Debate on grounds maintenance merger will continue at Monday's meeting

Debate on grounds maintenance merger will continue at Monday's meeting

SMITHFIELD - The idea of consolidating ground maintenance services between the town of Smithfield and its school department seems to be supported by both the Town Council and School Committee. Where the debate will arise is in figuring out the details of the proposed merger.

"Everyone is in favor of the concept," School Committee Chairman Sean Clough told The Valley Breeze & Observer. "The devil is in the details. That's the concern."

The merger will be one of a few topics discussed by council and committee members at their first joint meeting of the year, next Monday, June 29, at 7 p.m. in the Smithfield High School media center, 90 Pleasant View Ave.

"It's always good when the two bodies get together and work things (out)," Council President Bernard Hawkins told The Observer, adding that it's "only in the best interest of the town."

Both parties will also discuss the two bid awards that were received for projects relating to the $5.9 million school facilities bond that voters approved last November.

Finance Director Randy Rossi said that a bid may be awarded at the meeting.

"Most of the discussion will be on the school bond and the actual construction," Clough told The Observer, noting that both parties will work to decide what projects happen this summer and what will have to be held until next summer.

The majority of projects at the six school buildings and the school administration building consist of roof replacements, fire safety, HVAC and unit ventilation repairs, asbestos abatement, and plumbing upgrades, which will be paid for with money from the bond.

Town officials had expressed concern at the May 19 council meeting that not all of the projects related to the bond could be completed in one summer.

Hawkins said: "We're going to prioritize the spending of the bond issue (around) what work needs to be completed first. Hopefully it's a productive meeting."

The two groups were scheduled to meet in January, but the first of many snowstorms canceled the meeting, which was postponed indefinitely.

At that meeting, both parties were set to discuss the grounds maintenance merger which Clough told The Observer "needs final approval from both bodies."

"As far as I would be concerned, the town side would take over all grounds," Hawkins said, listing maintenance, cutting, lining, fertilizing, parking lots, roadways, and snow plowing as some of the duties that the town would have in keeping up the school grounds.

"I believe it'll be a win-win situation for everybody," Hawkins continued. "The school department will be able to save money to put toward education."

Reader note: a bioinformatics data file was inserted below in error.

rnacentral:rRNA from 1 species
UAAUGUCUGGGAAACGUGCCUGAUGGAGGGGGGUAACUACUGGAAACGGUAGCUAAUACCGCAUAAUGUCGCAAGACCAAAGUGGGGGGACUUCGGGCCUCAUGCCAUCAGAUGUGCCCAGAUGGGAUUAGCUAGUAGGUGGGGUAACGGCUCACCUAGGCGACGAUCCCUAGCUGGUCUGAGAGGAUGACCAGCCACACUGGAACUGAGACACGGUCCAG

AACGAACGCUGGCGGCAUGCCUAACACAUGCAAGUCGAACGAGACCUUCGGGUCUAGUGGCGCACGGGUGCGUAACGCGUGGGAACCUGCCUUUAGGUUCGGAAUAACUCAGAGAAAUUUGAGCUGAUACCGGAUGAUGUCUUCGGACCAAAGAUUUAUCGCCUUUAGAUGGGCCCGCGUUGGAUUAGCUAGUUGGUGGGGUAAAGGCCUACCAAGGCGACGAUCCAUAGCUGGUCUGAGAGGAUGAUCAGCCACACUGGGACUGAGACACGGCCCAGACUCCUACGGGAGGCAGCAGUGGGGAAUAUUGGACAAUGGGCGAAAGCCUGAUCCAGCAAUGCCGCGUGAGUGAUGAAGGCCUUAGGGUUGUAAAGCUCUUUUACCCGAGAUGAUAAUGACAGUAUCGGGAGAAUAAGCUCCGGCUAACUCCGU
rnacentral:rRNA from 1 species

During the public comment section at the end of the council's June 2 meeting, an upset Clough addressed the council and asked why a bill was submitted to the General Assembly on May 29 that would "authorize the town of Smithfield to maintain grounds utilized by public schools," according to the bill.

He said that he thought the council and School Committee could work together "to reach a mutual agreement and understanding on how to merge those two departments."

Hawkins, who asked Rep. Thomas Winfield to re-introduce the bill that had been introduced last year, said that he did that to "save you even more money," and added that even though the bill is in "doesn't mean you have to do anything."

Not every council member was aware that the bill had been re-introduced. On June 4, the bill was held for further study.

Clough said that the bill, which puts the maintenance and improvement of some or all of the school grounds under the charge of the town manager, "doesn't even look like the agreement we are talking about."

"Now we have this hanging over our head," he said, adding that it provides "power to the town side" without input from the School Committee or superintendent.

Last summer, the town's director of public works and the school's director of buildings and grounds drafted a preliminary memo related to the possible consolidation of ground maintenance services.

Then, the School Committee had requested that comprehensive background checks would be carried out on all employees and contractors, regularly scheduled meetings between grounds crews and school department officials would take place, and a promise that money saved through the consolidation wouldn't be cut from the budget.

Per the memo, duties would include "general lawn care and grounds maintenance activities," explicitly excluding capital improvements and work on the sprinkler systems, exterior lighting, sidewalks, walking paths, parking lots, access roads, drainage and sewer systems, tennis and basketball courts, the high school track, dugouts, bleachers, goal posts, fencing and playgrounds, The Observer reported.

Clough noted that the town's Financial Review Commission, a volunteer advisory group currently chaired by Ken Sousa, was researching the costs of such a merger.

When he asked the council on June 2 if they received a report from the FRC, Hawkins said, "Not yet."

But Hawkins told The Observer on June 19 that the FRC is no longer looking into the topic.